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Check priorities, relax to reduce holiday stress


Susan Collins-Smith/MSU Ag Communications



JACKSON - Family gatherings, marathon cooking sessions and shopping trips induce waves of anxiety instead of moments of joy for some. 


"Some families feel a lot of pressure to create the perfect holiday experience by buying the latest toys for the kids, traveling to visit extended family and attending every party," said Cassandra Kirkland, family life specialist with Mississippi State University's Extension Service. 


Families who overspend on gifts, have strained relations with relatives or mismanage holiday preparation time can feel anxious or depressed as the holidays approach. Newly married couples may have trouble navigating new family traditions, such as deciding a schedule for visiting family or a budget for gift-giving, Kirkland said. 


Dealing with the recent loss of a loved one is more difficult during the holidays, said Karen Benson, Extension child and family development agent in Neshoba County. Try starting new traditions. 


"If it's the first Christmas without a spouse or child, plan to attend activities or volunteer time in community organizations," Benson said. "Set realistic expectations with the understanding that grief can be sporadic and overwhelming, but it is normal." 


Kirkland said setting realistic expectations is an important way to cope with all holiday stressors. 


"Family members may not interact in full harmony. Your kids may not be as excited about their gifts as you had hoped, and your holiday party may have glitches," Kirkland said. "But it's important to focus on the positive elements and try to avoid putting undue pressure on yourself to have a perfect holiday."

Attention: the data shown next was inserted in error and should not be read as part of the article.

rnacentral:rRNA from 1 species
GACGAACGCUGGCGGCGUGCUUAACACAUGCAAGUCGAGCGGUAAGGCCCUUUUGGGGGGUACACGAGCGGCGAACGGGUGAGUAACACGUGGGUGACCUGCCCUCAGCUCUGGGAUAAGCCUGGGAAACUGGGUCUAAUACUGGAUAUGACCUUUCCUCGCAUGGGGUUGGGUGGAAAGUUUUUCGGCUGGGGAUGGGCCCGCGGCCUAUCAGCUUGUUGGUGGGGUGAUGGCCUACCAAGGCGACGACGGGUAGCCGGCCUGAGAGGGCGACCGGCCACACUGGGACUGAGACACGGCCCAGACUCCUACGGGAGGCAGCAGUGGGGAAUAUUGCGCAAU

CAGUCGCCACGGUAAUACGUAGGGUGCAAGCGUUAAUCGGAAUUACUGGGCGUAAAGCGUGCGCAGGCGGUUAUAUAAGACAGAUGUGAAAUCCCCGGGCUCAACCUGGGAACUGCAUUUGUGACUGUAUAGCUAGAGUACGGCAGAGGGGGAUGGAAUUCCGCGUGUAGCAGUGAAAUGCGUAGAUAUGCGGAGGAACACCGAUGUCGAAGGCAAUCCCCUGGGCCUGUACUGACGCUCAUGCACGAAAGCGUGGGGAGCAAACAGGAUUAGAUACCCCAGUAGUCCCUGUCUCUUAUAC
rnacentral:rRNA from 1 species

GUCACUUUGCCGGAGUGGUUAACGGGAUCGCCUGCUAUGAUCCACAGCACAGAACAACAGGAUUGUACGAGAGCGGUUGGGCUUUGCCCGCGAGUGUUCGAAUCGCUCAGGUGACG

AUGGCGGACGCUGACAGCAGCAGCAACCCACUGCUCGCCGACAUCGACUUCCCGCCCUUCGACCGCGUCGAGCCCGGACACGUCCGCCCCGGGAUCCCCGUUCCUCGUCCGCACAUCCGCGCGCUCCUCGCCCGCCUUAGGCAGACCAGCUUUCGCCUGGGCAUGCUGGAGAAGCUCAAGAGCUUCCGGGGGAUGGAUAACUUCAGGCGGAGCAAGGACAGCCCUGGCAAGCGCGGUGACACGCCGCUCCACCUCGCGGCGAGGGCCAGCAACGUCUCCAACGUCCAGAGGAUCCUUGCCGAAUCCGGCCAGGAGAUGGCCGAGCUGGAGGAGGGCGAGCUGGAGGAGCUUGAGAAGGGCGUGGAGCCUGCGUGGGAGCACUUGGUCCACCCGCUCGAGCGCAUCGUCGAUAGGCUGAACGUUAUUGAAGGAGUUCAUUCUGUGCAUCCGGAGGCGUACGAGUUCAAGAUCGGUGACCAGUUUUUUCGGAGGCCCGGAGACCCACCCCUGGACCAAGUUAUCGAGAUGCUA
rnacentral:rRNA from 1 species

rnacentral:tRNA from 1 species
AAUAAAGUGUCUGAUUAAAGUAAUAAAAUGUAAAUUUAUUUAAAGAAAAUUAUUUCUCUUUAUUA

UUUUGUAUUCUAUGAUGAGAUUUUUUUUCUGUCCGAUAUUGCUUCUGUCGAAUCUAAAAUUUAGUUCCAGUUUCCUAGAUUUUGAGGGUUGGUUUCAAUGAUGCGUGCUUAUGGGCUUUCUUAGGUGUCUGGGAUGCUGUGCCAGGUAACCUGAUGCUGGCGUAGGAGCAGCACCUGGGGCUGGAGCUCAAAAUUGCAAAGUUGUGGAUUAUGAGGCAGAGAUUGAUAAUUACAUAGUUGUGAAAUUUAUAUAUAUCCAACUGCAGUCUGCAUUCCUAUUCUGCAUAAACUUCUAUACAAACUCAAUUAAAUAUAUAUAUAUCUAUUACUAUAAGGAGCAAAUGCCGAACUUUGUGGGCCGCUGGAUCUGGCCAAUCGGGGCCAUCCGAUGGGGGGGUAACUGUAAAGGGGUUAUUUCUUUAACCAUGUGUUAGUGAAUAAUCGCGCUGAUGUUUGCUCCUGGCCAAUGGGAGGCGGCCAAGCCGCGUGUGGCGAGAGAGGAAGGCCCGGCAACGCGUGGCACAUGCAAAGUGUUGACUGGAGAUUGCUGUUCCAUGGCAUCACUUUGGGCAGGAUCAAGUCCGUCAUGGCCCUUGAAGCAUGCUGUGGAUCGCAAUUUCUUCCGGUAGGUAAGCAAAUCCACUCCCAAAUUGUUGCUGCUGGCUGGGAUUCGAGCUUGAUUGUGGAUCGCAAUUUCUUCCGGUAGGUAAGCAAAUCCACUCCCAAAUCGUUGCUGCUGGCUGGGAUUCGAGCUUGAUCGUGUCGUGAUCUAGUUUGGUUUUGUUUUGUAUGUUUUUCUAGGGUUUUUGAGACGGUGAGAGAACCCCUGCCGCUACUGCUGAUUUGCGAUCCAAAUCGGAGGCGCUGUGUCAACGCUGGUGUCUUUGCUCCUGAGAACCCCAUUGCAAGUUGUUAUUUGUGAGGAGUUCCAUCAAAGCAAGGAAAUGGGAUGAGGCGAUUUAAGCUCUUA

Kirkland suggests simplifying the most challenging aspects of the holidays by limiting time spent with difficult family members, drawing names for gift-giving and changing any traditions that are not working well. 






Benson said good time management can help families avoid a holiday meltdown. 


"Running out of time is the biggest stress trigger for many people," she said. "Make time to sit down and decide what tasks need doing and when and how you will get them done." 


Shoppers with a detailed list can save time by making purchases online and having gift wrapping supplies on hand. Those who plan to host a meal or contribute to a family gathering can make and freeze items, such as cookie dough, casseroles and unfrosted cakes, ahead of time, Benson said. 


The holidays can be more enjoyable if people take time to enjoy themselves instead of rushing to meet every deadline. Benson suggests reserving one weekday evening and one weekend day and evening to relax at home. 


"Going to meetings and parties back-to-back becomes exhausting," she said. "Time to relax is essential, whether it's time alone in front of the fire with hot chocolate and music or a fun outing with a close friend." 


By assessing which elements of this holiday season are most trying, families can take steps to reduce next year's worry. 


"If holiday spending busted the budget, seek financial counseling to help set realistic limits," Benson said. "This is also a good time to reframe priorities. Instead of thinking, 'How can I do more?' ask yourself, "What brings the most meaning to me and my family?'"



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